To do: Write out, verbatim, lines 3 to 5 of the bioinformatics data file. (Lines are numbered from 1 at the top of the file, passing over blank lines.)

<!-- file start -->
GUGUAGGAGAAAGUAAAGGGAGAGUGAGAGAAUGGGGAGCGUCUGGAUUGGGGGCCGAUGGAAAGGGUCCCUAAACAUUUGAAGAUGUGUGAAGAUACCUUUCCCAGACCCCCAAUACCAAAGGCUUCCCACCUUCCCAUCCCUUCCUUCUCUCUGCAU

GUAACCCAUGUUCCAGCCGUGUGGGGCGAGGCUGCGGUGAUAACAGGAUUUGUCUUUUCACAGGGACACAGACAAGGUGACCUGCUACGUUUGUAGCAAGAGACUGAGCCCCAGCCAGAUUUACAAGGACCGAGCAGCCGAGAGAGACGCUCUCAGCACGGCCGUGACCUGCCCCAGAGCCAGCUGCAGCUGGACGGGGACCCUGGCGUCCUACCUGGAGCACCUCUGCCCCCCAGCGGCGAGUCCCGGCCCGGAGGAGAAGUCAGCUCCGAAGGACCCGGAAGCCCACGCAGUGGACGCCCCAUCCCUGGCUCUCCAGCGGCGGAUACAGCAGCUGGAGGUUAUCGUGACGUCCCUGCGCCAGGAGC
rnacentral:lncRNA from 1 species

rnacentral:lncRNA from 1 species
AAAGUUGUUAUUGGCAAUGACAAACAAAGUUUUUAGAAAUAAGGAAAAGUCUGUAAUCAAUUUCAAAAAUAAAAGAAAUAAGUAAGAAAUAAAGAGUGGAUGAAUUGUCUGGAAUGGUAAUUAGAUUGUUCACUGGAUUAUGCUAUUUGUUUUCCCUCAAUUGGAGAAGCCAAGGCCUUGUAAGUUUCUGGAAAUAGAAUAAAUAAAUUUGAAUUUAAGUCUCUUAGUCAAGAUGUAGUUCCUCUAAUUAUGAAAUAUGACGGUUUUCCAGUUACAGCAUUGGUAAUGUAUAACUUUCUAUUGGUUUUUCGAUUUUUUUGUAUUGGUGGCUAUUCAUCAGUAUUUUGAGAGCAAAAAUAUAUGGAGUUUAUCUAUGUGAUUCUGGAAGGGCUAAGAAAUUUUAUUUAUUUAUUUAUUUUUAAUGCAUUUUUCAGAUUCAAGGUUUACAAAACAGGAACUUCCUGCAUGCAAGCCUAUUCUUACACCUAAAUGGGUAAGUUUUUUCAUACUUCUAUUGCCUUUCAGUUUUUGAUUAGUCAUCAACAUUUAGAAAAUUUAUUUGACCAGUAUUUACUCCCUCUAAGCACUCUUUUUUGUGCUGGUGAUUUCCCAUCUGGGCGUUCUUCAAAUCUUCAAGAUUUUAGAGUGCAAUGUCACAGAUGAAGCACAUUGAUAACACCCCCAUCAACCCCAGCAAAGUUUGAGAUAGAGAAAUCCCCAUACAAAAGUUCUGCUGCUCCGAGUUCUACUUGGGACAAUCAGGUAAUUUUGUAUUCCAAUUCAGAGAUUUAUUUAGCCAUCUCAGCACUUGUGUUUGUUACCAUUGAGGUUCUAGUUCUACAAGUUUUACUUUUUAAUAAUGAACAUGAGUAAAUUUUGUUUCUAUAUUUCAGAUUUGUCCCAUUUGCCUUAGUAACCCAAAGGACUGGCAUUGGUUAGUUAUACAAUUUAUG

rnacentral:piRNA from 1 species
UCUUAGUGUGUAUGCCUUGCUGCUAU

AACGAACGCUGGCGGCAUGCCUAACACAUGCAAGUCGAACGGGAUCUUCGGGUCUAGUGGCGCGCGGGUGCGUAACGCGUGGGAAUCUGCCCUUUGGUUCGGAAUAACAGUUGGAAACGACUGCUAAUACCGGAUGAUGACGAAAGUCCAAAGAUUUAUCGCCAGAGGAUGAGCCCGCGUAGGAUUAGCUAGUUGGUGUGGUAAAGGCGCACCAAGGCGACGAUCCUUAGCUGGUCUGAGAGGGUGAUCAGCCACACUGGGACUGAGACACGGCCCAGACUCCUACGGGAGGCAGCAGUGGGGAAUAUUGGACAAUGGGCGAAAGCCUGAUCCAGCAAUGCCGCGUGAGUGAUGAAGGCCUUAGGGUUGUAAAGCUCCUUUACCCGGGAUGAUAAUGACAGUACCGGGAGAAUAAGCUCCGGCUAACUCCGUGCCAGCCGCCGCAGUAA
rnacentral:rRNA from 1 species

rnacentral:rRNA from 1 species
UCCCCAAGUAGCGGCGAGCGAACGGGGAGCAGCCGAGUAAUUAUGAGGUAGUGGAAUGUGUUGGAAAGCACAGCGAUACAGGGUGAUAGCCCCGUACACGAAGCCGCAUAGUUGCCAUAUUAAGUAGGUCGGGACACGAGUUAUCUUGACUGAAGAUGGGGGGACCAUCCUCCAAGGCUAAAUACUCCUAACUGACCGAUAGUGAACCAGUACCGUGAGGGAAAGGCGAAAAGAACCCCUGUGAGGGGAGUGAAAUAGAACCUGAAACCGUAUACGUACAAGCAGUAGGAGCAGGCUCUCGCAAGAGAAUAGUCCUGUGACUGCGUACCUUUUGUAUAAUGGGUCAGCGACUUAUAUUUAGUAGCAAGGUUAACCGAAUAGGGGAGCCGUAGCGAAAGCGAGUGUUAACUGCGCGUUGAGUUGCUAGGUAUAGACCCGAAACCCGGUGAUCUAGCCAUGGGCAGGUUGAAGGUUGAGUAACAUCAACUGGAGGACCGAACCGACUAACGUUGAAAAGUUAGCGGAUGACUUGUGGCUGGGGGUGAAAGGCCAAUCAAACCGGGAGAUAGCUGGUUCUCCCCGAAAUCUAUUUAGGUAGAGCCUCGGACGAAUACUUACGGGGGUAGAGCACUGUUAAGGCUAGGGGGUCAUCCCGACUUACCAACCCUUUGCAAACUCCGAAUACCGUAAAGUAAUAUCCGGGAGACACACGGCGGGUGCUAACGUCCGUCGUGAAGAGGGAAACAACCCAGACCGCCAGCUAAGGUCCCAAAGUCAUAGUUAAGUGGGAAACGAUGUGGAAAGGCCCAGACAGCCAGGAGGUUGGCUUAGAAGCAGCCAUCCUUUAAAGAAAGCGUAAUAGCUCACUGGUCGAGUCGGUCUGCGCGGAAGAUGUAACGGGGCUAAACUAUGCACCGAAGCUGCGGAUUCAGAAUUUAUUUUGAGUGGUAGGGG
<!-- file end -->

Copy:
rnacentral:lncRNA from 1 species

rnacentral:lncRNA from 1 species
AAAGUUGUUAUUGGCAAUGACAAACAAAGUUUUUAGAAAUAAGGAAAAGUCUGUAAUCAAUUUCAAAAAUAAAAGAAAUAAGUAAGAAAUAAAGAGUGGAUGAAUUGUCUGGAAUGGUAAUUAGAUUGUUCACUGGAUUAUGCUAUUUGUUUUCCCUCAAUUGGAGAAGCCAAGGCCUUGUAAGUUUCUGGAAAUAGAAUAAAUAAAUUUGAAUUUAAGUCUCUUAGUCAAGAUGUAGUUCCUCUAAUUAUGAAAUAUGACGGUUUUCCAGUUACAGCAUUGGUAAUGUAUAACUUUCUAUUGGUUUUUCGAUUUUUUUGUAUUGGUGGCUAUUCAUCAGUAUUUUGAGAGCAAAAAUAUAUGGAGUUUAUCUAUGUGAUUCUGGAAGGGCUAAGAAAUUUUAUUUAUUUAUUUAUUUUUAAUGCAUUUUUCAGAUUCAAGGUUUACAAAACAGGAACUUCCUGCAUGCAAGCCUAUUCUUACACCUAAAUGGGUAAGUUUUUUCAUACUUCUAUUGCCUUUCAGUUUUUGAUUAGUCAUCAACAUUUAGAAAAUUUAUUUGACCAGUAUUUACUCCCUCUAAGCACUCUUUUUUGUGCUGGUGAUUUCCCAUCUGGGCGUUCUUCAAAUCUUCAAGAUUUUAGAGUGCAAUGUCACAGAUGAAGCACAUUGAUAACACCCCCAUCAACCCCAGCAAAGUUUGAGAUAGAGAAAUCCCCAUACAAAAGUUCUGCUGCUCCGAGUUCUACUUGGGACAAUCAGGUAAUUUUGUAUUCCAAUUCAGAGAUUUAUUUAGCCAUCUCAGCACUUGUGUUUGUUACCAUUGAGGUUCUAGUUCUACAAGUUUUACUUUUUAAUAAUGAACAUGAGUAAAUUUUGUUUCUAUAUUUCAGAUUUGUCCCAUUUGCCUUAGUAACCCAAAGGACUGGCAUUGGUUAGUUAUACAAUUUAUG